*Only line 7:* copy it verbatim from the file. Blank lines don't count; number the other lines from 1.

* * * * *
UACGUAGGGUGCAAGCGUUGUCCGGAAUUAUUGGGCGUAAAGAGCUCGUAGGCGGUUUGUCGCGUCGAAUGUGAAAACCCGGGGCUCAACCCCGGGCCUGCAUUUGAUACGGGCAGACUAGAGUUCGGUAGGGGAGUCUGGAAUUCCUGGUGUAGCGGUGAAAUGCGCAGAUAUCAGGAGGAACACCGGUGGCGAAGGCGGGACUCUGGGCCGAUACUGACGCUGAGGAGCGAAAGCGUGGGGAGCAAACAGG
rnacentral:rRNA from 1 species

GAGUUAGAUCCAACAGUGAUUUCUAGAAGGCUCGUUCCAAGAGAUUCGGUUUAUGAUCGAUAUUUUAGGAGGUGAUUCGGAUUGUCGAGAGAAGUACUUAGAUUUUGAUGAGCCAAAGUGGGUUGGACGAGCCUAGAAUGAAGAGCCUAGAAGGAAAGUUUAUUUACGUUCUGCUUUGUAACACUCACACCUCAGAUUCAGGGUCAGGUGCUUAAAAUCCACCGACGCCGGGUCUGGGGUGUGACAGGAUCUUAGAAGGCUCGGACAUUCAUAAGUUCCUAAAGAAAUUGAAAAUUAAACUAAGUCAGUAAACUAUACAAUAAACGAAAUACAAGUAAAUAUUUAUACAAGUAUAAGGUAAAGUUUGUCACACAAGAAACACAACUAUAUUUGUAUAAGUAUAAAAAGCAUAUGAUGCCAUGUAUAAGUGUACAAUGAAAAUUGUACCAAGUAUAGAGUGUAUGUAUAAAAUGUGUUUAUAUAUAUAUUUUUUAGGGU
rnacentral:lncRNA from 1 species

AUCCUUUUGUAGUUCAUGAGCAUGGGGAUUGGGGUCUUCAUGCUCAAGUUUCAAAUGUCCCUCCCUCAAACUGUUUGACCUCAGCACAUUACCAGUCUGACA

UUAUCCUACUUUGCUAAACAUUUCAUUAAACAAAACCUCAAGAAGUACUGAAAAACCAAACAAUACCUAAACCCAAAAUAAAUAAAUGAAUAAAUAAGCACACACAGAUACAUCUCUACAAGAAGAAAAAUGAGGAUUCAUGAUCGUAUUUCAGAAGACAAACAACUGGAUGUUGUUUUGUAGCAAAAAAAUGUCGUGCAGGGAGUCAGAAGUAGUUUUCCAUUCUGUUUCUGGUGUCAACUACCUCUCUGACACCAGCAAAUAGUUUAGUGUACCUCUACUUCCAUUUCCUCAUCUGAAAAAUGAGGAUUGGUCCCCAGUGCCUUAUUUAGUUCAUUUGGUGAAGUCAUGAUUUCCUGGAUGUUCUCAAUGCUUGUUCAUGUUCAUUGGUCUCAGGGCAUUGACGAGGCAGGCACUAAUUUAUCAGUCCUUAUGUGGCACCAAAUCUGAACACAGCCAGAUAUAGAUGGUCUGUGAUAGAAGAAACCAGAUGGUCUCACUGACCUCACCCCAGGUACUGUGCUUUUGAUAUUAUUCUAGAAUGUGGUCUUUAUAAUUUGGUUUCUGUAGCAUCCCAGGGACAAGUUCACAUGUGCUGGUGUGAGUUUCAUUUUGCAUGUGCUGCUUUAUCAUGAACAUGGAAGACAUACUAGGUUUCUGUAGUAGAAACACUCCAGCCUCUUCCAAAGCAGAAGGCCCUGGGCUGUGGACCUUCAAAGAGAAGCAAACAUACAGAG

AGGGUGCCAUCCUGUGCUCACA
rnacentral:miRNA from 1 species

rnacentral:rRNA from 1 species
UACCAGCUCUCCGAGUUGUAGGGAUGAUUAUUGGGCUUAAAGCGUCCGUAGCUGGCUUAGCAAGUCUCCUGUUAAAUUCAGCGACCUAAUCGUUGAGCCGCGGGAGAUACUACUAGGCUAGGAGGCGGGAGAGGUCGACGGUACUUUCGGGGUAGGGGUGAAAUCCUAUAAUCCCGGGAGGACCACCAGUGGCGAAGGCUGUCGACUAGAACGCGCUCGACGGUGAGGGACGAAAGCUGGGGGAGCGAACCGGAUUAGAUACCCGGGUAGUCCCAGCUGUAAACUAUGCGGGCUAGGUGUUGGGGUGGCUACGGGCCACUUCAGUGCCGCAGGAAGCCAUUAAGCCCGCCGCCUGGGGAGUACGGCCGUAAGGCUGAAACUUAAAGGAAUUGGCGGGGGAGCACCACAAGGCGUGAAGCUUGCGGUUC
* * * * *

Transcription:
AGGGUGCCAUCCUGUGCUCACA